OpenAI declined to comment on the departures of Sutskever or other members of the superalignment team, or the future of its work on long-term AI risks. Research on the risks associated with more powerful models will now be led by John Schulman, who co-leads the team responsible for fine-tuning AI models after training.

The superalignment team was not the only team pondering the question of how to keep AI under control, although it was publicly positioned as the main one working on the most far-off version of that problem. The blog post announcing the superalignment team last summer stated: “Currently, we don’t have a solution for steering or controlling a potentially superintelligent AI, and preventing it from going rogue.”

OpenAI’s charter binds it to safely developing so-called artificial general intelligence, or technology that rivals or exceeds humans, safely and for the benefit of humanity. Sutskever and other leaders there have often spoken about the need to proceed cautiously. But OpenAI has also been early to develop and publicly release experimental AI projects to the public.

OpenAI was once unusual among prominent AI labs for the eagerness with which research leaders like Sutskever talked of creating superhuman AI and of the potential for such technology to turn on humanity. That kind of doomy AI talk became much more widespread last year after ChatGPT turned OpenAI into the most prominent and closely watched technology company on the planet. As researchers and policymakers wrestled with the implications of ChatGPT and the prospect of vastly more capable AI, it became less controversial to worry about AI harming humans or humanity as a whole.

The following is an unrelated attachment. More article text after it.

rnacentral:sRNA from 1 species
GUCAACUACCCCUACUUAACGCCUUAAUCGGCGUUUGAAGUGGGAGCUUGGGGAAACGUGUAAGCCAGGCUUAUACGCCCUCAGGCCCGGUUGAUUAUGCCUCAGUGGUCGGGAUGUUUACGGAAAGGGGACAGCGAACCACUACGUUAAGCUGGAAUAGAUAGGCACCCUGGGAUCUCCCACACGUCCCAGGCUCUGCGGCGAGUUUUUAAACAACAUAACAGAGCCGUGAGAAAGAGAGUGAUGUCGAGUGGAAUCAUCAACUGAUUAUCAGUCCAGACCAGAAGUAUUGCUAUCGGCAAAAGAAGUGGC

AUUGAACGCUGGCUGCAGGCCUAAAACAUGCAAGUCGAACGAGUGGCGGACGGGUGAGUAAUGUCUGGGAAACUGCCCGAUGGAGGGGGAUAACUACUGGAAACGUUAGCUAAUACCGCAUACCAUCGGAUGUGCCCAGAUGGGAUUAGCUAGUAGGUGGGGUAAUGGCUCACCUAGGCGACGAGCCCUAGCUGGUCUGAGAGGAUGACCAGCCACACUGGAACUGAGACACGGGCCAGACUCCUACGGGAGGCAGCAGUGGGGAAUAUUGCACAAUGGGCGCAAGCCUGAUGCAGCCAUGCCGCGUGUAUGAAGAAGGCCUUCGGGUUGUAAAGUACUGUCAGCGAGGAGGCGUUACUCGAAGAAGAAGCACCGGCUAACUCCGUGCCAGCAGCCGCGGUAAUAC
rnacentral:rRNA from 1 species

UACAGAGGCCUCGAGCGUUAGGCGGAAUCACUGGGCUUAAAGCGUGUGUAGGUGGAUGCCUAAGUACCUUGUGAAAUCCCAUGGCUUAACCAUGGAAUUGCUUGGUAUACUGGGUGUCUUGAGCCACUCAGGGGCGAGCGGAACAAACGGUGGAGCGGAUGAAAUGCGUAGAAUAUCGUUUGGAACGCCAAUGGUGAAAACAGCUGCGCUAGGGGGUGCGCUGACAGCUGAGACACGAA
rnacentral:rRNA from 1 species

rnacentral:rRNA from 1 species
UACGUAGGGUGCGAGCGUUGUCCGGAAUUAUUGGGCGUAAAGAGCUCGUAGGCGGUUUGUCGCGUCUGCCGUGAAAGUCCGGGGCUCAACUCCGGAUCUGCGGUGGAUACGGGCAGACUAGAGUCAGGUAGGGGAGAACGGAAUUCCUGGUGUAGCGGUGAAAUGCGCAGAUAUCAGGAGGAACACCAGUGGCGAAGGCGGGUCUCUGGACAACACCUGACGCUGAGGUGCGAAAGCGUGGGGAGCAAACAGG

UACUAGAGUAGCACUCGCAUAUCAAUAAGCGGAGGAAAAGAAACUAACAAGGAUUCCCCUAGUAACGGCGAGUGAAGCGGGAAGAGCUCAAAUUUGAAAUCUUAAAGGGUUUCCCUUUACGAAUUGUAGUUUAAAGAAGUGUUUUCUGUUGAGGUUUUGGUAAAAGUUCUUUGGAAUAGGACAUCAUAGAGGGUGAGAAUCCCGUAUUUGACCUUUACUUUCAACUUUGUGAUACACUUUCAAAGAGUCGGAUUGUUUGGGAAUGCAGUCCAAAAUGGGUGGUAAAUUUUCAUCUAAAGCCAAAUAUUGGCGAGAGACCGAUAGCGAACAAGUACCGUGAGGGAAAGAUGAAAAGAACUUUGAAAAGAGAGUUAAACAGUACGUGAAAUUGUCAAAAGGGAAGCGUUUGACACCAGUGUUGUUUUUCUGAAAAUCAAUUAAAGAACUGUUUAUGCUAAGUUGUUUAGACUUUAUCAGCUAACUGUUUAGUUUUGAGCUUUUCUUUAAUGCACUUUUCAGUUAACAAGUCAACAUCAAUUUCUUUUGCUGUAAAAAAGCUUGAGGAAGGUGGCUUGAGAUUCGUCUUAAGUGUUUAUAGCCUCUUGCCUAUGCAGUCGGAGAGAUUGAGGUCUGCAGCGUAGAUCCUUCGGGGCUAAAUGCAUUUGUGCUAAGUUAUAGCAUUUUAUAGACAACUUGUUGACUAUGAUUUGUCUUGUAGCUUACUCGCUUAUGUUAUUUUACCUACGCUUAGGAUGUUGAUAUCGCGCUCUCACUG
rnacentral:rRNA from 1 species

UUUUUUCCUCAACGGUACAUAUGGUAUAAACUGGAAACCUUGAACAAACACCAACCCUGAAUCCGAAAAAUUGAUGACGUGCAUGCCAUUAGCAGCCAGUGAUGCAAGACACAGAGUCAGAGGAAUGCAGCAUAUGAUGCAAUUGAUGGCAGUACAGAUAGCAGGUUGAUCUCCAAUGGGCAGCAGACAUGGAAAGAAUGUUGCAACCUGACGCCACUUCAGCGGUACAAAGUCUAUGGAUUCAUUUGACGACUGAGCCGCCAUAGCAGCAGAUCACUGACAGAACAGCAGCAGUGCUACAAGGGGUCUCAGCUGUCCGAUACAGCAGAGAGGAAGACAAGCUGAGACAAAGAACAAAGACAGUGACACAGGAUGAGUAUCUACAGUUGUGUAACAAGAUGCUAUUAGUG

The existential angst has since cooled—and AI has yet to make another massive leap—but the need for AI regulation remains a hot topic. And this week OpenAI showcased a new version of ChatGPT that could once again change people’s relationship with the technology in powerful and perhaps problematic new ways.

The departures of Sutskever and Leike come shortly after OpenAI’s latest big reveal—a new “multimodal” AI model called GPT-4o that allows ChatGPT to see the world and converse in a more natural and humanlike way. A livestreamed demonstration showed the new version of ChatGPT mimicking human emotions and even attempting to flirt with users. OpenAI has said it will make the new interface available to paid users within a couple of weeks.

There is no indication that the recent departures have anything to do with OpenAI’s efforts to develop more humanlike AI or to ship products. But the latest advances do raise ethical questions around privacy, emotional manipulation, and cybersecurity risks. OpenAI maintains another research group called the Preparedness team that focuses on these issues.

This story originally appeared on wired.com.